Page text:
Fisher, P. "Hearing the Error in Classified Remotely Sensed Images."
Unpublished manuscript in review, University of Leicester, 1993.
Fisher reports using auditory data representations for error detection
in classified, remotely sensed images. One of the few applications of sonification
to cartography and GIS.
Fisher, S. S., E. J. Wenzel, C. Coler, and M. W. McGreevy. "Virtual
Interface Environment Workstations." In Proceedings of the 32nd Annual
Meeting of the Human Factors Society, held in Anaheim, CA, 91--95,
This paper on NASA-Ames Research Center's Virtual Interface Environment
Workstation includes an early description of the center's work using binaural
auditory display, synthesis of three-dimensional sound cues, speech synthesis
and recognition, and associating "sound signatures" with objects or types
of information display in a virtual environment.
Fitch, T., and G. Kramer. "Sonifying the Body Electric: Superiority
of an Auditory over a Visual Display in a Complex, Multivariate System."
In Auditory Display: Sonification, Audification, and Auditory Interfaces,
edited by G. Kramer. Santa Fe Institute Studies in the Sciences of Complexity,
Proc. Vol. XVIII. Reading, MA: Addison Wesley, 1994.
The authors present an eight-variable auditory interface for anesthesiologists
which uses self-labeling streams with data variables "piggy-backed" upon
that stream by manipulation of selected acoustic variables. Subjects using
the display demonstrated faster and more accurate response using the auditory
display than with the visual and the combined auditory/visual displays.
Fletcher, H., and W. A. Munson. "Loudness: Its Definition, Measurement
and Calculation." J. Acous. Soc. Am. 5 (1933): 82--88.
The authors refer to "dynamic" as the perceived loudness of a passage of
music. This perception of amplitude is discussed in detail.
Forbes, T. W. "Auditory Signals for Instrument Flying." J. Aeronautical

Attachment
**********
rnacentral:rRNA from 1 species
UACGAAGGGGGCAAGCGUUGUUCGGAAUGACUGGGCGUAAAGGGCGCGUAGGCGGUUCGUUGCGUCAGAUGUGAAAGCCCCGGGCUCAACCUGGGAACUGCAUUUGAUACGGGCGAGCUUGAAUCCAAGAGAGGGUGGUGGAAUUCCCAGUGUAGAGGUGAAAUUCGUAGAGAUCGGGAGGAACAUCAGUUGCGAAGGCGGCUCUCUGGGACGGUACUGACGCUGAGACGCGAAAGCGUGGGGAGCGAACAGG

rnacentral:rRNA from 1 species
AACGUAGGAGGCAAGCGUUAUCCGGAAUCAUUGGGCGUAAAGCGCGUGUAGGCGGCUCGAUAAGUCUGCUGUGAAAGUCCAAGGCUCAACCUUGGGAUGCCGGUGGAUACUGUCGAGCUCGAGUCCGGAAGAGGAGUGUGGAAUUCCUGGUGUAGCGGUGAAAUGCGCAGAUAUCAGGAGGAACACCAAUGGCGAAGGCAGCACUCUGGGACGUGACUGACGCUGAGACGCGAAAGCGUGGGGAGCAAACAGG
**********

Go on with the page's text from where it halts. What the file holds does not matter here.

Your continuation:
Soc. May (1946): 255--258.
After finding that combinations of tones created a confusing display that
was difficult to use, the author turned to one signal in which multiple
data variables were represented by multiple auditory variables. He found
that pilots were able to use the display as well as a visual display after
only an hour of training. Four key design points were suggested: (1) Pilots
have certain habitual methods of thinking about the airplane, and the signals
must be designed to fit these habits of thought. (2) Because most fliers
are accustomed to using visual indicators, the auditory indicators must
be as simple and self-explanatory as possible. (3) When multiple signals
were used, there was a tendency for one signal to "capture" the attention
of the pilot, to the exclusion of the other signals. This phenomenon should
be avoided. (4) The display should be designed to fit the capabilities
of the average pilot and should be subjected to unbiased psychological
Francioni, J. F., L. Albright, and J. A. Jackson. "Debugging Parallel
Programs Using Sound." In Proceedings of the ACM/ONR Workshop on Parallel
and Distributed Debugging, 68--73. Reading, MA: ACM Press/Addison-Wesley,
These two articles describe the same research: the mapping of parallel